CLIMATEWIRE | U.S. troops have long provided assistance to disaster victims. But there’s little public information about when, where and how those deployments occur.
The nonpartisan Center for Climate and Security will try to fill that void with a new web-based data tool that allows internet users to track military deployments — nationally and internationally — in response to hurricanes, floods, wildfires, heat waves and other climate-related disasters.
The Military Responses to Climate Hazards (MiRCH) tracker will be a repository for such information, according to its creators, and could shed light on how the military’s traditional war-fighting mission is evolving under a warming climate. The site will provide updates on U.S. deployments and those of other nations.
“It’s important to the conversations we’re having about climate change and national security to really understand what it means for militaries to have to respond to disasters, not only here in the U.S., but looking at our allies, partners and even adversaries around the world,” Erin Sikorsky, the center’s director, said in an interview.
The idea of a military disaster-response tracker came from an informal Twitter conversation by experts monitoring disaster deployments around the world.
“We wanted a more formal tracking mechanism so we could compare [deployments] over time. We wanted to do better data collection and present the data visually,” Sikorsky said in a phone interview. The tracker includes deployments of all military troops, including from countries directly affected by disasters and assisting troops from other places.
Though still in its infancy, the tool already has identified 84 global disasters that have warranted some form of military response since June 2022, including 18 events in the United States.
For example, U.S. troops were deployed in response to unprecedented flooding caused by an April rain bomb in Fort Lauderdale, Fla., and to help evacuate thousands of Californians from a 20,000-acre wildfire that roared through Mariposa County last July. In North Dakota, National Guard deployments happen nearly every spring to help sandbag communities along the Red River where warming springs result in faster snowmelt and runoff.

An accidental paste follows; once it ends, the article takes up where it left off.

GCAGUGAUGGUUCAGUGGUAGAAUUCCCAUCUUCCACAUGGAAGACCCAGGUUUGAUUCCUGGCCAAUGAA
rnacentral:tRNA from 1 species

According to the National Guard, many of its 450,000 members “were involved in lifesaving natural disaster responses in 2022,” including 142,000 deployments to fight wildfires and another 18,000 to aid state and local officials during flood disasters. An additional 12,000 National Guard deployments were in response to winter storms, according to the service.
Joe Bryan, the Defense Department’s chief sustainability officer and senior adviser to Defense Secretary Lloyd Austin, told an online seminar hosted by the Brookings Institution last year that “climate change is driving demand for mission — from humanitarian assistance and disaster relief to changes in the Arctic.”
And he said “it is also impacting the military’s readiness and ability to respond to these crises; for example, the military must evacuate when wildfires hit an installation. The DOD must invest in resources to reduce these risks which are becoming increasingly commonplace.”
Sikorsky said she wouldn’t characterize the Defense Department’s increasing role in climate disasters as “undermining readiness overall.”
But, she added, “when they look at the trajectory of where we’re going with climate change, especially over the next several decades, they are concerned.”
The open-access tool can be updated by government officials, researchers, journalists and others who track military responses to climate disasters around the world. The center will ensure the information is accurate and up to date, she said.
Reprinted from E&E News with permission from POLITICO, LLC. Copyright 2023. E&E News provides essential news for energy and environment professionals.